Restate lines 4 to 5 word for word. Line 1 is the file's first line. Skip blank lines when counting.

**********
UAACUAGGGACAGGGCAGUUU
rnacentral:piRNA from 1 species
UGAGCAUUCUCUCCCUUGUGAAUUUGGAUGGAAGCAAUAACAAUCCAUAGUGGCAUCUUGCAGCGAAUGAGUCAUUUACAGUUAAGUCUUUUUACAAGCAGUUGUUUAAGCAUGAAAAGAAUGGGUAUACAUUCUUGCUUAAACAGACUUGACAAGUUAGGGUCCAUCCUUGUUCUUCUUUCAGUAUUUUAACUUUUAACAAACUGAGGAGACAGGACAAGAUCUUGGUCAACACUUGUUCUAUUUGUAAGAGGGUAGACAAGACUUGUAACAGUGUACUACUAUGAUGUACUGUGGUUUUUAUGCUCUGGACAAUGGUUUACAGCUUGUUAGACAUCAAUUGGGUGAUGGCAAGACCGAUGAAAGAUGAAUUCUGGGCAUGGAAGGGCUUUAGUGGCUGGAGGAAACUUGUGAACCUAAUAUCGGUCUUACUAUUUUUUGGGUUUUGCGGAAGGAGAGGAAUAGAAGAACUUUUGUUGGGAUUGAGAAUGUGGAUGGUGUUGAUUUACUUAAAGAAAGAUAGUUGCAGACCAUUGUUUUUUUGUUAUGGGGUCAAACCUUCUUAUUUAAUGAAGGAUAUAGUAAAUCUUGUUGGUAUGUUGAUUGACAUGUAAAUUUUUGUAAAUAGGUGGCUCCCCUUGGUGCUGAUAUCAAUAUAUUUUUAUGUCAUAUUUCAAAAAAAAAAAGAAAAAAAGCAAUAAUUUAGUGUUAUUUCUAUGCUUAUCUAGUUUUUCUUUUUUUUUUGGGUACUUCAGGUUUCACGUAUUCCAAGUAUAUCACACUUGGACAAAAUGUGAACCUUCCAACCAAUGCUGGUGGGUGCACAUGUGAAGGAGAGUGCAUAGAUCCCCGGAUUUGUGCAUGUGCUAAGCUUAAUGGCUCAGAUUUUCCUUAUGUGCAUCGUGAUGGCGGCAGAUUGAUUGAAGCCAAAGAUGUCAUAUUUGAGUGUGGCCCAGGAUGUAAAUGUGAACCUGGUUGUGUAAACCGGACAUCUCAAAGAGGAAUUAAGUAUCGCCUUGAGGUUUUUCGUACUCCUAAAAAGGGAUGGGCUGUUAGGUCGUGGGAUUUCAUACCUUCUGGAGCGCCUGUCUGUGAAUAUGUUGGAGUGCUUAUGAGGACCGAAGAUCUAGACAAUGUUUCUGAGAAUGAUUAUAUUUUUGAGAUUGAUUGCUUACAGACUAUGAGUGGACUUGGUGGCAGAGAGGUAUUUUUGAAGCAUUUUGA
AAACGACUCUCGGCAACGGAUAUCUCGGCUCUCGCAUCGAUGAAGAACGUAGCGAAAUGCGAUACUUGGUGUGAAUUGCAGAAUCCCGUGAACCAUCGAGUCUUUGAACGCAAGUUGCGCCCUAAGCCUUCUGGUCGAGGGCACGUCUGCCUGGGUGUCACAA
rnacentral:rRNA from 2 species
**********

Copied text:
AAACGACUCUCGGCAACGGAUAUCUCGGCUCUCGCAUCGAUGAAGAACGUAGCGAAAUGCGAUACUUGGUGUGAAUUGCAGAAUCCCGUGAACCAUCGAGUCUUUGAACGCAAGUUGCGCCCUAAGCCUUCUGGUCGAGGGCACGUCUGCCUGGGUGUCACAA
rnacentral:rRNA from 2 species